Anxiety

An Introduction to Anxiety Disorders

By John M. Grohol, Psy.D.

Table of Contents

Anxiety, worry, and stress are all a part of most people's life today. But simply experiencing anxiety or stress in and of itself does not mean you need to get professional help or you have an anxiety disorder. In fact, anxiety is a necessary warning signal of a dangerous or difficult situation. Without anxiety, we would have no way of anticipating difficulties ahead and preparing for them.

Anxiety becomes a disorder when the symptoms become chronic and interfere with our daily lives and our ability to function. People suffering from chronic anxiety often report the following symptoms:

  • Muscle tension
  • Physical weakness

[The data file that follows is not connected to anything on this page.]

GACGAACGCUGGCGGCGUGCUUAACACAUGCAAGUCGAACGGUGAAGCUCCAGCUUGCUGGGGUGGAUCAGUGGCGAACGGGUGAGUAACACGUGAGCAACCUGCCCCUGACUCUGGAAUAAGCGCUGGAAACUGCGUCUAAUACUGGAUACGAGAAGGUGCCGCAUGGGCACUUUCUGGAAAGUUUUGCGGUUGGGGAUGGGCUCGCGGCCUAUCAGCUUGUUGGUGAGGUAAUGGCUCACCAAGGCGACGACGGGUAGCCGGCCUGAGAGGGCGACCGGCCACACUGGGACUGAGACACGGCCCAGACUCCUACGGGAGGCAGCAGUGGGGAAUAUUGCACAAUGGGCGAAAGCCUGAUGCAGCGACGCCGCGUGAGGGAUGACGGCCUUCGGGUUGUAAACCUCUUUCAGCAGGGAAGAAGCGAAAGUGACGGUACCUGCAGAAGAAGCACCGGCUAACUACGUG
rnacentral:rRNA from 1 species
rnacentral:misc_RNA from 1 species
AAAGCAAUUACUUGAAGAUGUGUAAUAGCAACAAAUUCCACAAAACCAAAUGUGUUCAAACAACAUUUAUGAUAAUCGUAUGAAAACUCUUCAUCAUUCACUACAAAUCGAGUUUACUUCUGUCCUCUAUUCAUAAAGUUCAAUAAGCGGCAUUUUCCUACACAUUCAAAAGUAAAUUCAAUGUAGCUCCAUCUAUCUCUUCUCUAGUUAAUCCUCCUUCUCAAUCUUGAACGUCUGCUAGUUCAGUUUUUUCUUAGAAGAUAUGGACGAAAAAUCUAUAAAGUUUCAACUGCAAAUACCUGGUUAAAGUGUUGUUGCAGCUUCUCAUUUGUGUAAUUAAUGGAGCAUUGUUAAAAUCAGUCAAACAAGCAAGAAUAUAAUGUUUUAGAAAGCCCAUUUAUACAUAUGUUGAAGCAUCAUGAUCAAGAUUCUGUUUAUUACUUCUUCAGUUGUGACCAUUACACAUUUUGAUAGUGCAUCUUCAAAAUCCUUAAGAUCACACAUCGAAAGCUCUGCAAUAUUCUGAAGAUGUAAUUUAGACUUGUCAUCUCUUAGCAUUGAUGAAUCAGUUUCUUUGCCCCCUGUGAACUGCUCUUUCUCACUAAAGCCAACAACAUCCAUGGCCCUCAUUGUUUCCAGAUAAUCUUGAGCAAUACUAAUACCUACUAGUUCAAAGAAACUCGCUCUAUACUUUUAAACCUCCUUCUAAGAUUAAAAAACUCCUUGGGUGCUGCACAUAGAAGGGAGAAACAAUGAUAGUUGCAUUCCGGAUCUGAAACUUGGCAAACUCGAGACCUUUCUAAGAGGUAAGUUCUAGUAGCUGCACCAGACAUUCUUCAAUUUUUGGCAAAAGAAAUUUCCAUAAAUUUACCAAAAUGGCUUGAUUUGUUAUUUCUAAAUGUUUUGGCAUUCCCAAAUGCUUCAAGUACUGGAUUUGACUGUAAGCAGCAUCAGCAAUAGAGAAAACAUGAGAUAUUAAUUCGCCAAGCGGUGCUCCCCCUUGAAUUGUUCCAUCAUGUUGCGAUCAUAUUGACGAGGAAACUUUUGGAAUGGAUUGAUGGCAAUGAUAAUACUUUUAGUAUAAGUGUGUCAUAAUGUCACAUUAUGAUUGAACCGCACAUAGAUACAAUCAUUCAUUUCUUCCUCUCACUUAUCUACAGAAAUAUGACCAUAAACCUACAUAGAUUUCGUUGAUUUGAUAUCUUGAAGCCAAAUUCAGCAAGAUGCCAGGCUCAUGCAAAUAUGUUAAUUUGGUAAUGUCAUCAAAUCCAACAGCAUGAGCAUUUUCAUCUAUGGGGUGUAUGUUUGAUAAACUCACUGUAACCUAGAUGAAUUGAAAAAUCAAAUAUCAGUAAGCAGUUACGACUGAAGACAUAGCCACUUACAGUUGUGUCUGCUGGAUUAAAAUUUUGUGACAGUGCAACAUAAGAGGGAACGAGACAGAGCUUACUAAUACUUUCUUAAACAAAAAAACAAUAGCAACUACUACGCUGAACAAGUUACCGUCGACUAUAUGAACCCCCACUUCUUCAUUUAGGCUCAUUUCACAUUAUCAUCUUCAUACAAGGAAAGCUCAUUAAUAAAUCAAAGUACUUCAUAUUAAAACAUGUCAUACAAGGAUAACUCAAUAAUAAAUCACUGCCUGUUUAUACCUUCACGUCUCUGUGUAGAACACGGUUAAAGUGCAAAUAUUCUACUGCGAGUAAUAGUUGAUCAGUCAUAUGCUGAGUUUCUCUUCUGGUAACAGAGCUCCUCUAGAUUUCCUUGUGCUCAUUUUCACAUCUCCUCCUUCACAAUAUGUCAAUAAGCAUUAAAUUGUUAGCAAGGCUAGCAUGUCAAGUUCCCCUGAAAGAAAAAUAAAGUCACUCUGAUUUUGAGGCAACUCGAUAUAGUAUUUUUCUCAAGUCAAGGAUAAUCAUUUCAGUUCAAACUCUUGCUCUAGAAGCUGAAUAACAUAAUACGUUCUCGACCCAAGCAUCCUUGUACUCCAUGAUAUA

• Poor memory
  • Sweaty hands
  • Fear or confusion
  • Inability to relax
  • Constant worry
  • Shortness of breath
  • Palpitations
  • Upset stomach
  • Poor concentration

These symptoms are severe and upsetting enough to make individuals feel extremely uncomfortable, out of control and helpless.

Anxiety disorders fall into a set of separate diagnoses, depending upon the symptoms and severity of the anxiety the person experiences. The anxiety disorders discussed in this series on anxiety are:

Although obsessive-compulsive disorder (OCD) and posttraumatic stress disorder (PTSD) are considered anxiety disorders, they are covered elsewhere independently on Psych Central.

» Next in Series: About Generalized Anxiety Disorder (GAD)


Learn more about anxiety disorders...
Last reviewed: By John M. Grohol, Psy.D. on 9 Oct 2013
    Published on PsychCentral.com. All rights reserved.

 

 

To know what you prefer instead of humbly saying Amen to what the world tells you you ought to prefer, is to have kept your soul alive.
~ Robert Louis Stevenson